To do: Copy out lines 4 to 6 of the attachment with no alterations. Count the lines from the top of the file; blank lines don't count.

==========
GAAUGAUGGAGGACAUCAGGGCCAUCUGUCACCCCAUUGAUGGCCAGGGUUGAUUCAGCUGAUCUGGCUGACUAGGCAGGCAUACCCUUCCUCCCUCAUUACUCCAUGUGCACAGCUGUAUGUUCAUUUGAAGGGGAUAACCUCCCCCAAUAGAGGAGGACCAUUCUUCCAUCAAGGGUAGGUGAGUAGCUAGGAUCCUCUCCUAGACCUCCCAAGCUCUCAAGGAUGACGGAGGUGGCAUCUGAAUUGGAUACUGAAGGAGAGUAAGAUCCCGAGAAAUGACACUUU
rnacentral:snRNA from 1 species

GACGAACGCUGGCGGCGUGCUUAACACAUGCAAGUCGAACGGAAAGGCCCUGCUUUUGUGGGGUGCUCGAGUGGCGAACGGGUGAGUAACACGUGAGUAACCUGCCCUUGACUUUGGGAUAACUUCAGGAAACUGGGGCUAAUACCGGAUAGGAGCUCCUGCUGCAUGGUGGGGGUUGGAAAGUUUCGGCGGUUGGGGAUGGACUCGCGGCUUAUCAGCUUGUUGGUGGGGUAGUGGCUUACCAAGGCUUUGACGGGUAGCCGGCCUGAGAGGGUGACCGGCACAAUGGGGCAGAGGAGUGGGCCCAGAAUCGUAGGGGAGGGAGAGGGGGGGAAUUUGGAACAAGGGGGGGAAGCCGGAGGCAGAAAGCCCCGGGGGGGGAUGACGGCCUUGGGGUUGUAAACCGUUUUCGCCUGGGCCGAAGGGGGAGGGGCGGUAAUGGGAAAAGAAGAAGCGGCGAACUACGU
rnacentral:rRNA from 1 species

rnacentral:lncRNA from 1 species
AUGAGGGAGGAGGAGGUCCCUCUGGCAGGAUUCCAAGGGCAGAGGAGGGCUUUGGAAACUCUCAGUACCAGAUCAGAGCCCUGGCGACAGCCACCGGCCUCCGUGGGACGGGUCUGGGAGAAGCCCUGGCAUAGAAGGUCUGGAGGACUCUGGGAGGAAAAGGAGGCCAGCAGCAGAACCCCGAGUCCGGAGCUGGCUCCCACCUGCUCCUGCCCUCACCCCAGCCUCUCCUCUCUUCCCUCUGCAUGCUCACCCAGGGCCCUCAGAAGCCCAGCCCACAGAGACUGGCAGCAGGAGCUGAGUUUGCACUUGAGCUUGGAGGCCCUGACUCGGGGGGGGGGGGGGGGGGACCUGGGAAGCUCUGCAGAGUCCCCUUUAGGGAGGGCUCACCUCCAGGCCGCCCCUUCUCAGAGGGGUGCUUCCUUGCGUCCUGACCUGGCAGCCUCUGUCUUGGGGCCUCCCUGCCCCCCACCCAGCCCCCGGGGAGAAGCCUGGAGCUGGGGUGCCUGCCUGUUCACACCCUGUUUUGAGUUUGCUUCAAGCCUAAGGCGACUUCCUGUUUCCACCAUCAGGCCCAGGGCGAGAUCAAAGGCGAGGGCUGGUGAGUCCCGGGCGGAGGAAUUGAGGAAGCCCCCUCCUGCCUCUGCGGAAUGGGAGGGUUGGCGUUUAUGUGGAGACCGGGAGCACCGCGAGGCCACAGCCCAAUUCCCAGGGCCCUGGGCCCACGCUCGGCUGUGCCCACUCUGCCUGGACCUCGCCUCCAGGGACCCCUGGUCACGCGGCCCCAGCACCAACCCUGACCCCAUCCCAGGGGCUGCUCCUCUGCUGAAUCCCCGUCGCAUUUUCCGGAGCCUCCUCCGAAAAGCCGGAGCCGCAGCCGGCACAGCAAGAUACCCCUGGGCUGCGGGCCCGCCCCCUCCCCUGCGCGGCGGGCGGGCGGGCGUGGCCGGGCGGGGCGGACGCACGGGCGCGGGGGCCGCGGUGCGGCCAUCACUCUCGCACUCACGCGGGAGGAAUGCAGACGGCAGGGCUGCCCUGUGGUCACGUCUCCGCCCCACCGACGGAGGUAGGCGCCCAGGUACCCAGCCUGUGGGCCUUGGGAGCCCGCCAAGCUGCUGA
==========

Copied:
rnacentral:rRNA from 1 species

rnacentral:lncRNA from 1 species
AUGAGGGAGGAGGAGGUCCCUCUGGCAGGAUUCCAAGGGCAGAGGAGGGCUUUGGAAACUCUCAGUACCAGAUCAGAGCCCUGGCGACAGCCACCGGCCUCCGUGGGACGGGUCUGGGAGAAGCCCUGGCAUAGAAGGUCUGGAGGACUCUGGGAGGAAAAGGAGGCCAGCAGCAGAACCCCGAGUCCGGAGCUGGCUCCCACCUGCUCCUGCCCUCACCCCAGCCUCUCCUCUCUUCCCUCUGCAUGCUCACCCAGGGCCCUCAGAAGCCCAGCCCACAGAGACUGGCAGCAGGAGCUGAGUUUGCACUUGAGCUUGGAGGCCCUGACUCGGGGGGGGGGGGGGGGGGACCUGGGAAGCUCUGCAGAGUCCCCUUUAGGGAGGGCUCACCUCCAGGCCGCCCCUUCUCAGAGGGGUGCUUCCUUGCGUCCUGACCUGGCAGCCUCUGUCUUGGGGCCUCCCUGCCCCCCACCCAGCCCCCGGGGAGAAGCCUGGAGCUGGGGUGCCUGCCUGUUCACACCCUGUUUUGAGUUUGCUUCAAGCCUAAGGCGACUUCCUGUUUCCACCAUCAGGCCCAGGGCGAGAUCAAAGGCGAGGGCUGGUGAGUCCCGGGCGGAGGAAUUGAGGAAGCCCCCUCCUGCCUCUGCGGAAUGGGAGGGUUGGCGUUUAUGUGGAGACCGGGAGCACCGCGAGGCCACAGCCCAAUUCCCAGGGCCCUGGGCCCACGCUCGGCUGUGCCCACUCUGCCUGGACCUCGCCUCCAGGGACCCCUGGUCACGCGGCCCCAGCACCAACCCUGACCCCAUCCCAGGGGCUGCUCCUCUGCUGAAUCCCCGUCGCAUUUUCCGGAGCCUCCUCCGAAAAGCCGGAGCCGCAGCCGGCACAGCAAGAUACCCCUGGGCUGCGGGCCCGCCCCCUCCCCUGCGCGGCGGGCGGGCGGGCGUGGCCGGGCGGGGCGGACGCACGGGCGCGGGGGCCGCGGUGCGGCCAUCACUCUCGCACUCACGCGGGAGGAAUGCAGACGGCAGGGCUGCCCUGUGGUCACGUCUCCGCCCCACCGACGGAGGUAGGCGCCCAGGUACCCAGCCUGUGGGCCUUGGGAGCCCGCCAAGCUGCUGA